Nathalie joins the team

Natty for colleagues and friends,

All began as a simple internship, the Intern Horror Story is typically met with sympathetic nods and diverted eyes aimed to the floor when the topic comes up in conversation. We’ve all heard scenarios of determined students eager to get their foot in the door of the industry of their dreams, clinging to the idea that a few months of hard labor will make their resume a golden ticket to social mobility.

Set aside that most interns are overworked, underpaid, and end up having panic attacks when they can’t meet the unrealistic needs of their boss. In some cases, internships end up being scams for naïve students who don’t realise they are part of a Ponzi scheme, where “interns” end up working as unpaid door-to-door salespeople. A little hard work didn’t kill anybody, right?

Happily, my intern experience has been more the “dream” internship. I believe success is the intersecting point of ambition and talent.

At RGW, my intern experience has shown me that creativity can go a long way, and when you surround yourself with driven and motivated individuals, success isn’t just the result of long term progress, but rather, everyday habits.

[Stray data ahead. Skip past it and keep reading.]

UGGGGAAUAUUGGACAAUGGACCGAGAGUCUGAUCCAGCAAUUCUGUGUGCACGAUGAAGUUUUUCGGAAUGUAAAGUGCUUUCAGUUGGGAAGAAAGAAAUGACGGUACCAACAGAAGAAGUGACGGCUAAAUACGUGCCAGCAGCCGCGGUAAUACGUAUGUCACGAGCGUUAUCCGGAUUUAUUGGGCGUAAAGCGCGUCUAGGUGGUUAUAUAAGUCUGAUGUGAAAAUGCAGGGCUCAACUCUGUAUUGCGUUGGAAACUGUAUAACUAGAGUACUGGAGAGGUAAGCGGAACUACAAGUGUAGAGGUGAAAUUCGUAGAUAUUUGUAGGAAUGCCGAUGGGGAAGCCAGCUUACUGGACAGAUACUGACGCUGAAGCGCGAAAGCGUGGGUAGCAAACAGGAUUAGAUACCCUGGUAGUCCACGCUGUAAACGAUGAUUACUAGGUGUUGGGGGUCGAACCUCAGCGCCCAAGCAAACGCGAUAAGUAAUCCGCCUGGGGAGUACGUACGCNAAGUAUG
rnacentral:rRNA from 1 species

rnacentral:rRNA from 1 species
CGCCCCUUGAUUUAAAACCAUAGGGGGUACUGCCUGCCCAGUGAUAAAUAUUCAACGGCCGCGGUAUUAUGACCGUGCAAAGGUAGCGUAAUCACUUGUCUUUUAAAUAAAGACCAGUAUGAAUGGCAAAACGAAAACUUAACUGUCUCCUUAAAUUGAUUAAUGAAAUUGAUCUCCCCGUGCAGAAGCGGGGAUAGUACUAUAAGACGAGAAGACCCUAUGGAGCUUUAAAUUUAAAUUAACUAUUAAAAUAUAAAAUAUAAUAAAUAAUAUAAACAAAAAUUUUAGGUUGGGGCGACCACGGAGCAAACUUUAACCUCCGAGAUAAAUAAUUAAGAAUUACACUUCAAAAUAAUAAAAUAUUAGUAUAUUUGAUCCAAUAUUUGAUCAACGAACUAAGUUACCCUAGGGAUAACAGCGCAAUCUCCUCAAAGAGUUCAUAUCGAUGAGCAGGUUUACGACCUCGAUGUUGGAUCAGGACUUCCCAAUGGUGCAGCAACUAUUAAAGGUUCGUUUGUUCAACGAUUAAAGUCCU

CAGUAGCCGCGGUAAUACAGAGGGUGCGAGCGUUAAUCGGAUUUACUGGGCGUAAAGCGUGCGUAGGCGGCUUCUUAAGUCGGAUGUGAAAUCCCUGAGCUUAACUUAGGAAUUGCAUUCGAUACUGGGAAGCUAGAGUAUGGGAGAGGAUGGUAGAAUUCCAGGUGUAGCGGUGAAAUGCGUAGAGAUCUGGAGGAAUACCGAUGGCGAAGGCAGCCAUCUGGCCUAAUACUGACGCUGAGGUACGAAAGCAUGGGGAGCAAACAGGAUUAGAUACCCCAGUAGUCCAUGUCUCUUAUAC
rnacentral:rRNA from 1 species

Being able to work as the “middleman” between the media and our clients has been one of the most rewarding aspects of the day-to-day intern experience.

I’ve always had a fascination with the media- how it influences behavior, shapes society, and can be used as a tool to revolutionise how people view their lives.

My second week as an intern, I was asked to pitch various local social networks I was sitting in my office chair trying not to smile when a reporter replied to a request.

These people want to talk to me?

was one of the first revelations I had.

It took me a few days to grapple with the idea that my work can move the dial for our clients to see tangible results. This experience can almost be described as therapeutic, as it’s allowed me instant gratification (or instant rejection).

I also learned that there is no such thing as a “fool proof method” and sometimes taking chances can result in rewarding outcomes.

As a natural researcher, this internship has allowed me to become a pattern-seeker, a theme ambassador, and a nerd for all facts.

I’ve had the opportunity to research topics- such as the intricate project management system- in depth to the point where I can speak to the day to day occurrences in the world and the local community.

More importantly, I’ve taken ownership for the clients we represent and have begun to see that ownership is the same thing as accountability.

At the end of the day, in the world of IT and digital design, there is no time for “excuses”, but there will always be time for a good storyteller.

The story I will tell doesn’t reside in coffee runs or monotonous trips to the copy machine, but instead, a portfolio full of anecdotes that reflect the spirit of teamwork and creativity.